Following a documentary posted over the weekend on Al Jazeera’s website, Denver Broncos quarterback Peyton Manning has vehemently denied allegations that he used human growth hormone (HGH), an illegal performance-enhancing drug.
“It absolutely never happened,” the National Football League (NFL) veteran told ESPN’s Chris Mortensen. ”It’s such a fabrication, I’m not losing any sleep over it, that’s for sure.”
The documentary, entitled “The Dark Side,” sent immediate shockwaves rippling across the professional athletic community. In the film, British hurdler Liam Collins acts as an undercover reporter pretending to be interested in procuring illegal enhancements, according to the Huffington Post. Collins meets with Charlie Sly, a pharmacist who claims to have worked at Indianapolis’ anti-aging Guyer Institute in 2011, during the time Manning was being treated at Guyer following a surgery.
Collins secretly taped Sly saying he was “part of a medical team that helped [Manning] recover” by sending human growth hormone and other drugs in the mail addressed to Ashley Manning, Peyton’s wife. The documentary also alleges Major League Baseball (MLB) players Ryan Zimmerman of the Washington Nationals and Ryan Howard of the Philadelphia Phillies have used performance-enhancing drugs.
Representatives for both told the Washington Post that such claims are “completely false.”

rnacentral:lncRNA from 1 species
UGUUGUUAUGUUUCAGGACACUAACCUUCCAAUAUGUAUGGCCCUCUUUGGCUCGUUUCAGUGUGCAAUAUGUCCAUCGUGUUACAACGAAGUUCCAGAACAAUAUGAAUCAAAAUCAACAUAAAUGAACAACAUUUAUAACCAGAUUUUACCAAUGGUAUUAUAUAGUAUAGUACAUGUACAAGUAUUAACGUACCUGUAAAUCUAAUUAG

The explosive allegations would prove deeply embarrassing if true. Performance-enhancing drugs, including human growth hormone, are banned by the NFL and MLB. However the NFL only started testing for HGH last year; so far no player has tested positive.
But the documentary’s claims are already under fire. Sly has since recanted his story, telling ESPN he is not a pharmacist and was not at the Guyer Institute in 2011. He also said he “made up” the story to Collins and “had never seen the Mannings ever.” (He also posted a video on YouTube.) According to state licensing records, ESPN says, Sly did have a pharmacy intern license in Indiana from April 2010 to May 2013.
For his part, Manning acknowledges he was a patient at the Guyer Institute, but maintains any therapy he received there was above-board. The Broncos have since expressed support for Manning on the team’s website. “Throughout his NFL career, particularly during his four seasons with the Broncos, Peyton has shown nothing but respect for the game,” the statement says. “Our organization is confident Peyton does things the right way, and we do not find this story to be credible.”
The National Football League and Major League Baseball have both said they will investigate the allegations.